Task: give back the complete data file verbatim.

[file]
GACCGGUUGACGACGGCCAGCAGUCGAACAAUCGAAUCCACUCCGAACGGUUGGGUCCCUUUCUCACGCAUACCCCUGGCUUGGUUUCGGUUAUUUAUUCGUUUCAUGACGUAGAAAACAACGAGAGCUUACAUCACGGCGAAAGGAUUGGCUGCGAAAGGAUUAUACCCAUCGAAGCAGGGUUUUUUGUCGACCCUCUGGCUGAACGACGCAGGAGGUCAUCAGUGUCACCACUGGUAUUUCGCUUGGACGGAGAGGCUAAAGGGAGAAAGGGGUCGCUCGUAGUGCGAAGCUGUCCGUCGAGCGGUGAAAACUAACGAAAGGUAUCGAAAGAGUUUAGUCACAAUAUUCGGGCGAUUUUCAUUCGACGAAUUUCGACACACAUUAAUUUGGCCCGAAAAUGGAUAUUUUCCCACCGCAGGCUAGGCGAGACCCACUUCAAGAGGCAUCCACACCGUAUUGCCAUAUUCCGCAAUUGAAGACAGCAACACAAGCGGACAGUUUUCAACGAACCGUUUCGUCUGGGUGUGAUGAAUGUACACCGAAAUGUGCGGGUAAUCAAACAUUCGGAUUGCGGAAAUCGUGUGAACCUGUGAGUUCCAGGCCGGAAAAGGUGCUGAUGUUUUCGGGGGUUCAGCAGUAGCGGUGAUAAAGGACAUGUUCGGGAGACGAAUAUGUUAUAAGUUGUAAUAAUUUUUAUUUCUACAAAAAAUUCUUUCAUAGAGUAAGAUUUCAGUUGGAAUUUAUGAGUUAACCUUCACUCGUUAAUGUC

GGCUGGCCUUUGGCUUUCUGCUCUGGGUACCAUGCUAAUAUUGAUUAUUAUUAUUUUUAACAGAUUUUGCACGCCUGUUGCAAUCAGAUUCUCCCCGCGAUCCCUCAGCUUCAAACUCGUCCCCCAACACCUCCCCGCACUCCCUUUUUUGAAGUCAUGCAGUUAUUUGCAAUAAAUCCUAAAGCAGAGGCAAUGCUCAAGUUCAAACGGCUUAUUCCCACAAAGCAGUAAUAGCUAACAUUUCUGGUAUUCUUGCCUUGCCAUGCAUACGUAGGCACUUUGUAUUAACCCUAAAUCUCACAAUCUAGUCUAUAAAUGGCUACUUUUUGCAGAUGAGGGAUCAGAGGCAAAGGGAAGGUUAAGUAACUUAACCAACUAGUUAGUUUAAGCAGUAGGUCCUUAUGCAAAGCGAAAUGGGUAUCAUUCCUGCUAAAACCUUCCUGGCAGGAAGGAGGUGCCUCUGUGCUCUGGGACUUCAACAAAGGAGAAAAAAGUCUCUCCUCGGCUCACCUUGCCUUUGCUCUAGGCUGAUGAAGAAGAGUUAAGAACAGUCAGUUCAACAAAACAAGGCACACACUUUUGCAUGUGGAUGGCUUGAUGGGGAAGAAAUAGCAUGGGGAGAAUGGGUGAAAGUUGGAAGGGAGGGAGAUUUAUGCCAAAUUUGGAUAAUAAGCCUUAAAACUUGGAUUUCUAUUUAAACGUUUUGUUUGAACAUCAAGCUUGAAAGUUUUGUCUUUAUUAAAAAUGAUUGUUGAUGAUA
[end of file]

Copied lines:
GACCGGUUGACGACGGCCAGCAGUCGAACAAUCGAAUCCACUCCGAACGGUUGGGUCCCUUUCUCACGCAUACCCCUGGCUUGGUUUCGGUUAUUUAUUCGUUUCAUGACGUAGAAAACAACGAGAGCUUACAUCACGGCGAAAGGAUUGGCUGCGAAAGGAUUAUACCCAUCGAAGCAGGGUUUUUUGUCGACCCUCUGGCUGAACGACGCAGGAGGUCAUCAGUGUCACCACUGGUAUUUCGCUUGGACGGAGAGGCUAAAGGGAGAAAGGGGUCGCUCGUAGUGCGAAGCUGUCCGUCGAGCGGUGAAAACUAACGAAAGGUAUCGAAAGAGUUUAGUCACAAUAUUCGGGCGAUUUUCAUUCGACGAAUUUCGACACACAUUAAUUUGGCCCGAAAAUGGAUAUUUUCCCACCGCAGGCUAGGCGAGACCCACUUCAAGAGGCAUCCACACCGUAUUGCCAUAUUCCGCAAUUGAAGACAGCAACACAAGCGGACAGUUUUCAACGAACCGUUUCGUCUGGGUGUGAUGAAUGUACACCGAAAUGUGCGGGUAAUCAAACAUUCGGAUUGCGGAAAUCGUGUGAACCUGUGAGUUCCAGGCCGGAAAAGGUGCUGAUGUUUUCGGGGGUUCAGCAGUAGCGGUGAUAAAGGACAUGUUCGGGAGACGAAUAUGUUAUAAGUUGUAAUAAUUUUUAUUUCUACAAAAAAUUCUUUCAUAGAGUAAGAUUUCAGUUGGAAUUUAUGAGUUAACCUUCACUCGUUAAUGUC

GGCUGGCCUUUGGCUUUCUGCUCUGGGUACCAUGCUAAUAUUGAUUAUUAUUAUUUUUAACAGAUUUUGCACGCCUGUUGCAAUCAGAUUCUCCCCGCGAUCCCUCAGCUUCAAACUCGUCCCCCAACACCUCCCCGCACUCCCUUUUUUGAAGUCAUGCAGUUAUUUGCAAUAAAUCCUAAAGCAGAGGCAAUGCUCAAGUUCAAACGGCUUAUUCCCACAAAGCAGUAAUAGCUAACAUUUCUGGUAUUCUUGCCUUGCCAUGCAUACGUAGGCACUUUGUAUUAACCCUAAAUCUCACAAUCUAGUCUAUAAAUGGCUACUUUUUGCAGAUGAGGGAUCAGAGGCAAAGGGAAGGUUAAGUAACUUAACCAACUAGUUAGUUUAAGCAGUAGGUCCUUAUGCAAAGCGAAAUGGGUAUCAUUCCUGCUAAAACCUUCCUGGCAGGAAGGAGGUGCCUCUGUGCUCUGGGACUUCAACAAAGGAGAAAAAAGUCUCUCCUCGGCUCACCUUGCCUUUGCUCUAGGCUGAUGAAGAAGAGUUAAGAACAGUCAGUUCAACAAAACAAGGCACACACUUUUGCAUGUGGAUGGCUUGAUGGGGAAGAAAUAGCAUGGGGAGAAUGGGUGAAAGUUGGAAGGGAGGGAGAUUUAUGCCAAAUUUGGAUAAUAAGCCUUAAAACUUGGAUUUCUAUUUAAACGUUUUGUUUGAACAUCAAGCUUGAAAGUUUUGUCUUUAUUAAAAAUGAUUGUUGAUGAUA